In January of 2015, I dreamed up a crazy idea of how cool it would be to hike the entire Appalachian Trail, split into sections, over a few years. And then the next day, I decided I would do just that. I had become interested in long distance hiking over the past few years, and felt I was ready for something big. But the hiking itself wasn’t my only reason for beginning this adventure.
For a number of years, I have toyed with the idea of starting my own mental health initiative, one that could somehow benefit youth struggling with their mental health. I began to struggle with my own mental health at a young age, and, through my recovery process, noticed how few resources there are for young people with mental illness.
In my own journey towards mental wellness, I found that spending a greater amount of time outdoors played a large role in my recovery. So I decided to combine my two dreams, hiking the AT and starting a charity to help youth with mental illness, into one dream: Megan’s Hike 4 Mental Health. Megan’s Hike 4 Mental Health is an organization that benefits youth struggling with their mental health by allowing them to experience the magic of the outdoors through summer camp.
I began my hike on April 23rd, 2016, at Springer Mountain, Georgia, the southern terminus of the Appalachian Trail. I set off to hike 300 miles in just over a month, with a flight waiting for me in Knoxville on May 26th. I hiked with one friend and met many new friends along the way. 300 miles seemed incredibly daunting, and, to be honest, I did doubt myself a few times on the first few days. Georgia especially was tough to hike through, as the state is full of big climbs and I was far from having my trail legs. But everyday got easily, and, before I knew it, I was summiting mountains at a rate I could not have dreamed of when I first set off.
One day I remember perfectly was the day I reached 100 miles. The 100-mile mark is at Albert Mountain, which was easily my favourite climb of my entire hike. The mountain was so steep and rocky that I often found myself using my hands to pull myself up the side of the mountain, no longer being able to use my trekking poles during this ascent. Once I reached the top, there was a fire tower that I climbed up. From the top of the tower, I could see all of the mountains I had already climbed up and down, all of the trail I had already tackled, all of the progress I had made. At that moment, I knew that although I have set this wild goal of hiking the entirety of a trail over 2100 miles long, this dream was something I was truly capable of accomplishing.
The most hectic part of my entire trip was the week spent in Great Smokey Mountains National Park. Within my first three hours in this part, I gained 2,189 feet of elevation within only four miles, encountered a three-foot long rattlesnake, climbed a rickety fire tower, saw six deer, and spotted one black bear! That same night a man was bit by a bear at a shelter not six miles from where I was sleeping.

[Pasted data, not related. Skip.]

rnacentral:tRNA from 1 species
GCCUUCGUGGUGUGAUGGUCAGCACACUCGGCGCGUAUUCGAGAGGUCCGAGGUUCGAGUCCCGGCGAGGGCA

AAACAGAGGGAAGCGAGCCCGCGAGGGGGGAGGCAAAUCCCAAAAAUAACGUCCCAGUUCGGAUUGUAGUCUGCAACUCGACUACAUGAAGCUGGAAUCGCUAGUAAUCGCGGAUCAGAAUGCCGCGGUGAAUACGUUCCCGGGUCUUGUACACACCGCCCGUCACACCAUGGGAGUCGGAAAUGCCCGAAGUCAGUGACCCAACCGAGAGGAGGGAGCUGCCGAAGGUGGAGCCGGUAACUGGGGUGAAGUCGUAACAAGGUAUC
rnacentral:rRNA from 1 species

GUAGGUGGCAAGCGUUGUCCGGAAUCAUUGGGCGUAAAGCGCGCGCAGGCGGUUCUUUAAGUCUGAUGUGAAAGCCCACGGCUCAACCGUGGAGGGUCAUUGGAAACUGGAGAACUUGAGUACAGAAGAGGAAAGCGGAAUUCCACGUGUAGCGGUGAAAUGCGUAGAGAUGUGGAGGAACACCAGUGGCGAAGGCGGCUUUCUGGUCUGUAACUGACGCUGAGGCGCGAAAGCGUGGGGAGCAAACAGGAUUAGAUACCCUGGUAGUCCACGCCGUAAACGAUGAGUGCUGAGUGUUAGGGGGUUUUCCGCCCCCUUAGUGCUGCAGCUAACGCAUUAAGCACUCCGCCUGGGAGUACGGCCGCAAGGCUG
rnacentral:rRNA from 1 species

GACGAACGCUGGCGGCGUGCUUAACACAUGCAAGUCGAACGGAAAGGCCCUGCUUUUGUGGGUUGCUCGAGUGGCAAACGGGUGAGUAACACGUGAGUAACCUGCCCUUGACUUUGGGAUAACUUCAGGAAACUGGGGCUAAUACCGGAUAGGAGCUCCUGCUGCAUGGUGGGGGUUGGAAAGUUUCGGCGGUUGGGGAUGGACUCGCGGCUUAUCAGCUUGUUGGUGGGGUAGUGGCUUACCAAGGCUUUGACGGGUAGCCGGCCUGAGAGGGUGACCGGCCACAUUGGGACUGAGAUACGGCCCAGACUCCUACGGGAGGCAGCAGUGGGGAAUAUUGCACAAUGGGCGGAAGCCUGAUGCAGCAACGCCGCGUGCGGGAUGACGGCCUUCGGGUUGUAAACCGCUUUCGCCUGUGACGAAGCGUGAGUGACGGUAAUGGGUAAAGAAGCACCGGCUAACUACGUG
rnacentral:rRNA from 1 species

I had got into a groove in the two weeks before I entered the Smokies; getting to camp, setting up my tent, eating dinner, getting to bed early, and waking up early to get started the next morning. But the Smokies were a whole other ball game. Because of the high bear activity in the park, hikers are required to stay in the shelters. This means sharing a shelter with different hikers every night — many who snore quite loudly — as well as the constant threat of rodents getting into your pack if not hung up correctly. Although I saw the most wildlife and differing plant species while in the Smokies, as well as meeting a number of great people, I was definitely happy when I reached Davenport Gap, the northern boundary of the National Park.
Once reaching Davenport Gap, my friends and I found a hostel to stay at, where I found a guitar. Music is a huge part of my life back home, and I had really missed playing and singing while on the trail. That night at the hostel, full of guitar picking, harmonies, and plenty of snacks, was just what I had needed. I was fortunate to enough to encounter a guitar a few more times further down the trail, and enjoyed many great jam sessions with other hikers.
The Appalachian Trail, for me, was a near spiritual experience. It’s incredibly humbling to stand, completely alone, or with a few good friends, at the top of a mountain that you have climbed while carrying everything you need to survice on your back. It’s truly magical to look out for miles and miles without seeing a single piece of evidence of civilization. The trail taught me so much about the world and about myself, lessons I won’t soon forget. The moment I left the trail, after hiking 300 miles on my own two feet, I immediately longed to go back. I can’t wait to continue my adventure in the coming years.